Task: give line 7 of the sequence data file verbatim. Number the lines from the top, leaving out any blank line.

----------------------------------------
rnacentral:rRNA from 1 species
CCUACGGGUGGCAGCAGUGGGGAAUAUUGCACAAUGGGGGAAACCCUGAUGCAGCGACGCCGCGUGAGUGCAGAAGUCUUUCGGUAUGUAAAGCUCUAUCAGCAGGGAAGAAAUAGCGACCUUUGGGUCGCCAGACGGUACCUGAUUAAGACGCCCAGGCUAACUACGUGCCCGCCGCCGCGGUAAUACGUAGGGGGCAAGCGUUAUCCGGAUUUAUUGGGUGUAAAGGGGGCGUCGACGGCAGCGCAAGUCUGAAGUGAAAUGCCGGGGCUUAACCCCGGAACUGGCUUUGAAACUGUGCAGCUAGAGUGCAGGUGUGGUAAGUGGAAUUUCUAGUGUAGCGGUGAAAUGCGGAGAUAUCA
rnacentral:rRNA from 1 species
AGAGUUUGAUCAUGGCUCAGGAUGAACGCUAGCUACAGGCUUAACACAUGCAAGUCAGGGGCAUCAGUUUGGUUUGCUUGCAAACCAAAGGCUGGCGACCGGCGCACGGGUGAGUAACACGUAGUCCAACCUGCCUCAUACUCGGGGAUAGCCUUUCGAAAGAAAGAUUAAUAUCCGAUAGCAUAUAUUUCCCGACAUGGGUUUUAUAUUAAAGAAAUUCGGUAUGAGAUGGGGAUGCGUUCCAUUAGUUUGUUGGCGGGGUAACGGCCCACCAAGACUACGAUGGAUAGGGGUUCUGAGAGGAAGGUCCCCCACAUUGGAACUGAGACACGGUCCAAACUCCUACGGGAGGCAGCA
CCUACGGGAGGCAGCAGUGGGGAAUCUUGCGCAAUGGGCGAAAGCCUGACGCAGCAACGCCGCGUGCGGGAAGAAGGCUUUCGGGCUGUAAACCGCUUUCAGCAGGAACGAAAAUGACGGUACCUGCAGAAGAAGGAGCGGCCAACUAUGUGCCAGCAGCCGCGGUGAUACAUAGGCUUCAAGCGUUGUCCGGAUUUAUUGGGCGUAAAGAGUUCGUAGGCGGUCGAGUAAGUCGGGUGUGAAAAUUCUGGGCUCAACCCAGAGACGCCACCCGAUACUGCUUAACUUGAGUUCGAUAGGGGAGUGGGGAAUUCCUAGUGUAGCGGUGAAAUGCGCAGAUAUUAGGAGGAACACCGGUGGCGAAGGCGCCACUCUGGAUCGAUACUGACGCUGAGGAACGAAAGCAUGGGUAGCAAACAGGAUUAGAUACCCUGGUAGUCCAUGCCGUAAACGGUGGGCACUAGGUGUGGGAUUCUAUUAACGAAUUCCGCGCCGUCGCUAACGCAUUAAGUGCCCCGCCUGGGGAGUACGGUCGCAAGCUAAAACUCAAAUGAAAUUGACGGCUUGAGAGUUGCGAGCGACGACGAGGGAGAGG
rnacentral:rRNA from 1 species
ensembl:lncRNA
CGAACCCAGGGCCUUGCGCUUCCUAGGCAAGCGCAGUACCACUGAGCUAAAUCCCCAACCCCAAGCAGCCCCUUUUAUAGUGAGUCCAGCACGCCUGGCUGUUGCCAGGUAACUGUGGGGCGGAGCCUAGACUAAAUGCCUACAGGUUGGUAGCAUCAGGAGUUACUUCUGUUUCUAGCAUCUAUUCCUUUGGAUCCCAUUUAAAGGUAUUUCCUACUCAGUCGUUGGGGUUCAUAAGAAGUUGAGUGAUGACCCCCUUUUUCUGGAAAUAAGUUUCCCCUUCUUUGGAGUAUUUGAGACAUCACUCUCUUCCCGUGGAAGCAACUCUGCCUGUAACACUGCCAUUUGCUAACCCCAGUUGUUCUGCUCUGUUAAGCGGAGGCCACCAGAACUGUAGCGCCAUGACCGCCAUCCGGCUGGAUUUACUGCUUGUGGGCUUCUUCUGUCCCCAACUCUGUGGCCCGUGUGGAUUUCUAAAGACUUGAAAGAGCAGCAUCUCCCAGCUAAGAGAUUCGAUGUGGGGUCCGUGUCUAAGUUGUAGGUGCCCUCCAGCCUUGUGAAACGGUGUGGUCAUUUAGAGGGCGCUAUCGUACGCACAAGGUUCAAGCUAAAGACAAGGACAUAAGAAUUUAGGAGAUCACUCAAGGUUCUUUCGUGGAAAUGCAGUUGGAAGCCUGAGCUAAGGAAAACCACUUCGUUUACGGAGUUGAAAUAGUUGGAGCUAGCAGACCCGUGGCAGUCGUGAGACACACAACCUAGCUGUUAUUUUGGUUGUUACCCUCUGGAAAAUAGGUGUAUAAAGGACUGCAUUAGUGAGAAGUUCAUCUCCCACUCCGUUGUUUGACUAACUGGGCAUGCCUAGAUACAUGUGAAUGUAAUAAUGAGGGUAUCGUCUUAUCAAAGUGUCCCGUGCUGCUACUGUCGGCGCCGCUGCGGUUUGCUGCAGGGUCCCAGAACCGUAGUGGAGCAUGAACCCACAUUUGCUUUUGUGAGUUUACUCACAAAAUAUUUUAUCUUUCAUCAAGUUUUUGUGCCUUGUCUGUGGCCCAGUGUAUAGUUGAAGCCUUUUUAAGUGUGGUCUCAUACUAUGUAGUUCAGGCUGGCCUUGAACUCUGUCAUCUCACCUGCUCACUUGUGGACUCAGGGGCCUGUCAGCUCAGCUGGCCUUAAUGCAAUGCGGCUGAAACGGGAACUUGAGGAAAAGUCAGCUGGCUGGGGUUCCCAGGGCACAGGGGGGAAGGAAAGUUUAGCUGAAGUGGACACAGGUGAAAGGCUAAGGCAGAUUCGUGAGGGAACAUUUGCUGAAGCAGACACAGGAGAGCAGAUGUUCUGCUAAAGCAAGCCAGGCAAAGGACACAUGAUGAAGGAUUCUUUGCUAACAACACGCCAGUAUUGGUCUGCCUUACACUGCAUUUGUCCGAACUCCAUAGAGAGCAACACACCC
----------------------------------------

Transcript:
ensembl:lncRNA